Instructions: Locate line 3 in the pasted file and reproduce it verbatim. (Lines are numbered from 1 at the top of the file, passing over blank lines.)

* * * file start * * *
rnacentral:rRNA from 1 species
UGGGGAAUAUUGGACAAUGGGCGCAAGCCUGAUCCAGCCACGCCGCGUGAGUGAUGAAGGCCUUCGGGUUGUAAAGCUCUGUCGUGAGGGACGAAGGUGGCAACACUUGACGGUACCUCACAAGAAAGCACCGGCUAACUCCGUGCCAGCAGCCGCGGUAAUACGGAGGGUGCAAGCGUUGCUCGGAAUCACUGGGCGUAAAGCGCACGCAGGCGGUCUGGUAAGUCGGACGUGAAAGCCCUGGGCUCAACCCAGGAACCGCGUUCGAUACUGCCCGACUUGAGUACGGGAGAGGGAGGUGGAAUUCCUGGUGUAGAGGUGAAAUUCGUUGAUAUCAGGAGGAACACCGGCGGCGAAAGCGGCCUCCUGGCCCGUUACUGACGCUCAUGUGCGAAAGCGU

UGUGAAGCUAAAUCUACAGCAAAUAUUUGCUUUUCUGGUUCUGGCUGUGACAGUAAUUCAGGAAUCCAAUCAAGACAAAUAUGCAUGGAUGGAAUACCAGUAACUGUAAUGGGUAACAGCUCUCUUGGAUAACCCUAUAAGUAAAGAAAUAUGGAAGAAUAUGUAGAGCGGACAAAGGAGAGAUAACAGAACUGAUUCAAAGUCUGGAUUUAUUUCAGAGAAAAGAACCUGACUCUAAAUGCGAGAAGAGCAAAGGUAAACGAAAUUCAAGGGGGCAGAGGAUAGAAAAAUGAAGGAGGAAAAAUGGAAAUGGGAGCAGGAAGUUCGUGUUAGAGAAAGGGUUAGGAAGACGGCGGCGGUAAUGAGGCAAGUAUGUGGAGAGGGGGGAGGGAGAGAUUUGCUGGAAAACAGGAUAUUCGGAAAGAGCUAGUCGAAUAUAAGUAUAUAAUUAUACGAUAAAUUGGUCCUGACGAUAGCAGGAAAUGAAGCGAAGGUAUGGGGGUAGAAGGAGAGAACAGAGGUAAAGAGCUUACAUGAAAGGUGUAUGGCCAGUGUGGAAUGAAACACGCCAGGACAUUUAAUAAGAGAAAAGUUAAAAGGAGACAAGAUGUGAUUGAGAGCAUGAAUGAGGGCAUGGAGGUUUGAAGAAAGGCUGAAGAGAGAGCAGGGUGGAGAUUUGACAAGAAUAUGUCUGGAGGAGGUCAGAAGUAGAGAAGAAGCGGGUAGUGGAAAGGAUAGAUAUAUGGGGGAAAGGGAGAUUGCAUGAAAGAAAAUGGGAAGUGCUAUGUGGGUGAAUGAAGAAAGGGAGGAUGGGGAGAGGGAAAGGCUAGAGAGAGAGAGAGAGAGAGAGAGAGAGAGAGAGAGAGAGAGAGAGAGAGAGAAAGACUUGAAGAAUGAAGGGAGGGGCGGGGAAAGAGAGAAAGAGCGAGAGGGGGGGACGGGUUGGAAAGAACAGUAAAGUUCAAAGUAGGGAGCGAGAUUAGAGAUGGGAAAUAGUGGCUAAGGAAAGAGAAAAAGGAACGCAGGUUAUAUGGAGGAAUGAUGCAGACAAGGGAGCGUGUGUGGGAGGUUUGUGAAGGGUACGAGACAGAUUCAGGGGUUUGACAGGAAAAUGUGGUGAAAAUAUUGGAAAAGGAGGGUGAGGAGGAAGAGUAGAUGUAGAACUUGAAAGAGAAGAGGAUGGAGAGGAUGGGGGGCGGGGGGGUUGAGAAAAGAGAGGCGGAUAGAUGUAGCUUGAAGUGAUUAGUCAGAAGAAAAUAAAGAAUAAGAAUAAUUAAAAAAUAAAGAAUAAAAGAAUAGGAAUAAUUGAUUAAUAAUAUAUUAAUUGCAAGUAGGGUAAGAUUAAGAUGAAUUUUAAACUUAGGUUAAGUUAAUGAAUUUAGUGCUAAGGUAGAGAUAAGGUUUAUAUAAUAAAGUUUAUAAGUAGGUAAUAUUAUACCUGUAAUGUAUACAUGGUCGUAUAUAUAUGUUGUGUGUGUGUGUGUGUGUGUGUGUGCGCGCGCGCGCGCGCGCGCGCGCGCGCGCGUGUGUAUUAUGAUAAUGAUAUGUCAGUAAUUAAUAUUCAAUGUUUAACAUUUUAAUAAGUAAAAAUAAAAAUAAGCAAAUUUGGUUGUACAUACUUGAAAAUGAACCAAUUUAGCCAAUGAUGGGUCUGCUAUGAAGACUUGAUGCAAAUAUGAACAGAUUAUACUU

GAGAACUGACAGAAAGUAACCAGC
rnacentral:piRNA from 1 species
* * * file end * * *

UGUGAAGCUAAAUCUACAGCAAAUAUUUGCUUUUCUGGUUCUGGCUGUGACAGUAAUUCAGGAAUCCAAUCAAGACAAAUAUGCAUGGAUGGAAUACCAGUAACUGUAAUGGGUAACAGCUCUCUUGGAUAACCCUAUAAGUAAAGAAAUAUGGAAGAAUAUGUAGAGCGGACAAAGGAGAGAUAACAGAACUGAUUCAAAGUCUGGAUUUAUUUCAGAGAAAAGAACCUGACUCUAAAUGCGAGAAGAGCAAAGGUAAACGAAAUUCAAGGGGGCAGAGGAUAGAAAAAUGAAGGAGGAAAAAUGGAAAUGGGAGCAGGAAGUUCGUGUUAGAGAAAGGGUUAGGAAGACGGCGGCGGUAAUGAGGCAAGUAUGUGGAGAGGGGGGAGGGAGAGAUUUGCUGGAAAACAGGAUAUUCGGAAAGAGCUAGUCGAAUAUAAGUAUAUAAUUAUACGAUAAAUUGGUCCUGACGAUAGCAGGAAAUGAAGCGAAGGUAUGGGGGUAGAAGGAGAGAACAGAGGUAAAGAGCUUACAUGAAAGGUGUAUGGCCAGUGUGGAAUGAAACACGCCAGGACAUUUAAUAAGAGAAAAGUUAAAAGGAGACAAGAUGUGAUUGAGAGCAUGAAUGAGGGCAUGGAGGUUUGAAGAAAGGCUGAAGAGAGAGCAGGGUGGAGAUUUGACAAGAAUAUGUCUGGAGGAGGUCAGAAGUAGAGAAGAAGCGGGUAGUGGAAAGGAUAGAUAUAUGGGGGAAAGGGAGAUUGCAUGAAAGAAAAUGGGAAGUGCUAUGUGGGUGAAUGAAGAAAGGGAGGAUGGGGAGAGGGAAAGGCUAGAGAGAGAGAGAGAGAGAGAGAGAGAGAGAGAGAGAGAGAGAGAGAGAGAGAAAGACUUGAAGAAUGAAGGGAGGGGCGGGGAAAGAGAGAAAGAGCGAGAGGGGGGGACGGGUUGGAAAGAACAGUAAAGUUCAAAGUAGGGAGCGAGAUUAGAGAUGGGAAAUAGUGGCUAAGGAAAGAGAAAAAGGAACGCAGGUUAUAUGGAGGAAUGAUGCAGACAAGGGAGCGUGUGUGGGAGGUUUGUGAAGGGUACGAGACAGAUUCAGGGGUUUGACAGGAAAAUGUGGUGAAAAUAUUGGAAAAGGAGGGUGAGGAGGAAGAGUAGAUGUAGAACUUGAAAGAGAAGAGGAUGGAGAGGAUGGGGGGCGGGGGGGUUGAGAAAAGAGAGGCGGAUAGAUGUAGCUUGAAGUGAUUAGUCAGAAGAAAAUAAAGAAUAAGAAUAAUUAAAAAAUAAAGAAUAAAAGAAUAGGAAUAAUUGAUUAAUAAUAUAUUAAUUGCAAGUAGGGUAAGAUUAAGAUGAAUUUUAAACUUAGGUUAAGUUAAUGAAUUUAGUGCUAAGGUAGAGAUAAGGUUUAUAUAAUAAAGUUUAUAAGUAGGUAAUAUUAUACCUGUAAUGUAUACAUGGUCGUAUAUAUAUGUUGUGUGUGUGUGUGUGUGUGUGUGUGCGCGCGCGCGCGCGCGCGCGCGCGCGCGCGUGUGUAUUAUGAUAAUGAUAUGUCAGUAAUUAAUAUUCAAUGUUUAACAUUUUAAUAAGUAAAAAUAAAAAUAAGCAAAUUUGGUUGUACAUACUUGAAAAUGAACCAAUUUAGCCAAUGAUGGGUCUGCUAUGAAGACUUGAUGCAAAUAUGAACAGAUUAUACUU